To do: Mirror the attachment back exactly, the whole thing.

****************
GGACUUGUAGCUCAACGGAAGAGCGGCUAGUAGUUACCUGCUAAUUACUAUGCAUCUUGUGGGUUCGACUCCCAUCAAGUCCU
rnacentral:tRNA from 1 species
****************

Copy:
GGACUUGUAGCUCAACGGAAGAGCGGCUAGUAGUUACCUGCUAAUUACUAUGCAUCUUGUGGGUUCGACUCCCAUCAAGUCCU
rnacentral:tRNA from 1 species